Can You Explain How to Divide Two Polynomials? In mathematics, Polynomials are algebraic expressions of constants and variables. The name itself gives us a basic idea of its meaning which is “poly” (meaning many) and “nominal” (meaning terms or parts). In simple […]
Can You Explain How to Divide Two Polynomials?
In mathematics, Polynomials are algebraic expressions of constants and variables. The name itself gives us a basic idea of its meaning which is “poly” (meaning many) and “nominal” (meaning terms or parts). In simple words, polynomials can be defined as a mathematical expression that consists of a variable of non-negative integral power along with their coefficients. As for example, 2 + x, 4z – 13 etc. In these examples, x and z are the variables respectively. The numerical digits included in the expression are called the coefficients.
Polynomials may be used to represent a variety of ordinary mathematical operations. A polynomial can be understood as the sum of the costs of goods in a supermarket bill. A polynomial can be used to calculate the distance traveled by a vehicle or item. Polynomials may be used to calculate the perimeter, area, as well asthe volume of geometric shapes. These are only a few of the many uses for polynomials.
Before going further, let us talk about the degree of a polynomial. The degree of a polynomial can be defined as the highest power of variables in a single term of a polynomial expression. For example,
- 3x + 9, here “x” is the variable. As we can see that the highest power of “x” in this polynomial is 1, hence the degree of this polynomial will be 1.
- 9xz + 4x + 2, In this polynomial, we have two variables. In the first term i.e. “9xz”, the power will be (1 + 1 = 2) and the power in the second term is 1. Thus, the degree of this polynomial will be 2.
- 5xy + 8, in this case, the degrees of the variables in all the terms are (2 + 1 = 3), (! + 1 = 2) respectively. Hence the degree of this polynomial expression will be 3.
The constants in the above expressions have zero power of the variable. These are called constant polynomials. In accordance with the degrees of a polynomial, we can classify them in various types such as,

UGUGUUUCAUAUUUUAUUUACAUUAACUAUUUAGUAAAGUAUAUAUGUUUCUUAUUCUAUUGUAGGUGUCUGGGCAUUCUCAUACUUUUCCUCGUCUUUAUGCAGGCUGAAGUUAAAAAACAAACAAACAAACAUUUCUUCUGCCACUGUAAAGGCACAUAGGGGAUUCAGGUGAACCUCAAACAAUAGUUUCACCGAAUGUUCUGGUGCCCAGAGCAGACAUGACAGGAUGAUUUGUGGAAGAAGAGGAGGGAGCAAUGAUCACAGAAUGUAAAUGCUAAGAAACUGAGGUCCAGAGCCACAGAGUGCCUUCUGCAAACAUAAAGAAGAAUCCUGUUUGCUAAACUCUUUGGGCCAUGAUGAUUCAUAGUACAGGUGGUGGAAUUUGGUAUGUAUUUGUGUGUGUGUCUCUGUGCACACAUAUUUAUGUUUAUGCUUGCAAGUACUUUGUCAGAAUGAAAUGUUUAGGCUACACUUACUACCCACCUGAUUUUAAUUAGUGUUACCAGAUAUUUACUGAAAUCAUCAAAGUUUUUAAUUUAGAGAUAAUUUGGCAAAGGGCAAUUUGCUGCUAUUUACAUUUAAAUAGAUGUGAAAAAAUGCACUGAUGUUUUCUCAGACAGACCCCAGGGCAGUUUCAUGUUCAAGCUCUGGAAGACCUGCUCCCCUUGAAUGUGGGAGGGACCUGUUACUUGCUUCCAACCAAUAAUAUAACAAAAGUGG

- Linear polynomial, which is a 1st-degree polynomial.
- Quadratic polynomial, which is a 2nd-degree polynomial.
- Cubic polynomial, which is a 3rd-degree polynomial.
- Biquadratic polynomial, which is a 4th-degree polynomial.
The basic classification of polynomials is based on the number of terms in a polynomial expression. They are-
- Monomial: These polynomial expressions have only one term in them. The power of the variable can be either zero or greater than it. For example, 9; x; 5x; 2z; these are monomials as there is no addition or subtraction exists in between.
- Binomial: These polynomial expressions are represented with the help of two algebraic terms. For example, 9x + 8; 7x + y; 3z + 8 etc.
- Trinomial: Trinomial polynomials are those expressions that consist of three algebraic terms. For example, x + y + z; etc.
- Quadrinomial: These are algebraic expressions that are obtained by adding or subtracting two binomials. This type of polynomials is not used very often.
As we have gone through the various types of polynomials, now it is time to see the operations that can be done between polynomials. Polynomials can be added, subtracted, or multiplied with each other in the same process that we do with the operations of integers. These are very simple methods. Now let us talk about the division of polynomials. There are two methods by which we can divide one polynomial from the other. They are
The synthetic method: which is very simple and can be done very easily if the divider is a monomial. It is done by dividing the coefficients at first and then applying the quotient law to the variables. For example, let us divide 50 by 10x.
First of all, let us divide the coefficients i.e. 50/10 = 5
Now we will have to use the quotient law to divide the variables i.e. = x.
Now multiplying the quotients of both variables and the coefficients will give us the answer i.e. 5 * x = 5x.
Let us have another example such as divide 9 by 3xy.
1st step- 9/3 = 3
2nd step- / xy = = y
3rd step- 3 * y = 3y, the answer is 3y.
More example question and answers: Polynomials From Class 10 Maths
The long division method: The long division method is mostly used method in the division of polynomials. The division process is the same as the division of integers. The steps are explained below;
- Arrange both the divisor and dividend in descending order of variables.
- Divide the 1st term of the dividend by the 1st term of the divisor. This will give us the 1st term of the quotient.
- Multiply all terms of the divisor by the 1st term of the quotient and subtract it from the dividend.
- After that, if we get remainders with greater degrees than the divisor, we will have to do the same method until the remainder is left with lower degrees of a variable than the divisor.